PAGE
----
An article written by my colleague and Print/Packaging industry columnist, Andrew Malson. This piece has been segmented for the blog and complements previous articles by him.
This article first appeared in WHERE To Print magazine.
In this article I begin to further discuss Lean methodology by looking at waste as a concept; what it is, how to identify it and how, in some areas, to eradicate it (but most crucially, reduce it). I have tried to give actual examples for each of the waste categories but as I began to write, it struck me how broad a topic this is, therefore this article, and the following in the waste series, is merely a catalyst for the reader’s own participation in value stream/waste processes.
Understanding waste and therefore value, is a mindset. Thinking of everything in the productive cycle, whether that’s as a production or administration operation, in waste and value terms will create actions to reduce waste and improve value.
Think of the “value stream”, where every component and every action adds value to the final delivered product. When the imaginary stream is straight, each process creates value, when the stream doesn’t flow directly forward, the process is creating waste.
As a reminder of the 7 waste categories, TIMWOOD is about as good as any but I’ve seen TIMWOODS and DOTWIMP, it depends on who your trainer is and their preference but the headline categories are the same.
T – Transport
I – Inventory
M – Motion
W – Waiting
O – Overproduction
O – Overprocessing
D – Defect
S – Skills
As the concept was designed as part of the Toyota Production System one might also hear the word, “Muda” being used; this is a Japanese word for waste and not a mnemonic (or an acronym). One important area that is a waste, but is not discussed here (primarily as it is a topic all of its own) is variation. Variation brings us teetering to the outer reaches of Lean and into Six Sigma territory; yes, I know that many practitioners lump them to create “Lean Six Sigma” but I see distinct differences, and advantages, in approaching them entirely separately. Here I discuss waste in the term as associated with Lean methodology.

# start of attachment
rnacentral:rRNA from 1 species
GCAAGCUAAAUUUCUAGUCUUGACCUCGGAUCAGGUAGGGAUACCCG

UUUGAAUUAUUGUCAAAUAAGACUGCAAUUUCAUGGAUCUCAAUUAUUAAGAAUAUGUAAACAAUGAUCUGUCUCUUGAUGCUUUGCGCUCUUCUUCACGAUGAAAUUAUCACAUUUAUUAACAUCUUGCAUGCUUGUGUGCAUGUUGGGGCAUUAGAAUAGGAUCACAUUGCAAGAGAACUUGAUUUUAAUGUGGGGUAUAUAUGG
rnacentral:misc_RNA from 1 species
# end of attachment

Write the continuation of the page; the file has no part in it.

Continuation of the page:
In practical terms
Almost all of the above have limitations to their level of elimination and some require context to understand why we might choose to ignore them. What is important is that each of them are understood and that understanding allows us to apply value thinking to how we approach them. I suppose there could be another T added to the above and that would be “Thinking”. Overthinking a problem, or worse, trying to solve a problem over which you have zero impact, is wasteful, so choose your areas of improvement wisely (I had this debate with a GM recently, he had a habit of trying to solve issues outside of his area of control or influence; extremely wasteful and utterly pointless).
If you’ve had any modicum of success in your business, you will probably look around today and see a plant configuration very different to the day you started. That’s not a bad thing, actually it’s testament to the fact that you’ve done well and have outgrown your original floorplan but now your site is probably inefficient.
In a recent assignment, I controlled a large site that had grown rapidly over time, the original site was now being used for pre-press, admin and warehousing and the “new” building housed numerous presses and finishing equipment. Unfortunately, the die cutting equipment, sited between the presses and the gluing department, interrupted the efficient flow (transport) of materials, tooling and WIP in and out of the area. This, in turn, affected safety, productivity and created a bottleneck in the whole production cycle. I took the difficult but necessary decision to change the position, a decision based on the analysis of waste. This resulted in a safer department, higher output and completely eliminated the bottleneck within the department.
In another posting, I moved the location of the platemaking area to bring it closer to the presses, thereby reducing the risk of damage, improving the communication between departments and eliminated another waste, Over-processing (ultimately, the print department became responsible for outputting their own plates JIT).
Transport also highlights the use of tooling. As I outlined in my previous article on 5S, frequency is in direct correlation to proximity. If you are using tooling, for plate changes, die changes etc on an hourly basis then keep the tools with you, a separate tool belt for each operator is the ideal (creates ownership and reduces breakage and loss) but a belt for each shift or machine might be more cost effective in the beginning.
Thinking of transport in terms of touch and of flow helps to realise where the inefficiencies are. Touch it as few times as possible and make the process flow with as little interruption as possible (this is also a factor of waste in an office and gave rise to the “touch it once” concept of document management and is a another principle of 5S).
(c) Andrew Malson 2020
Future articles will discuss further the TIMWOOD mnemonic and will appear here in Business Manager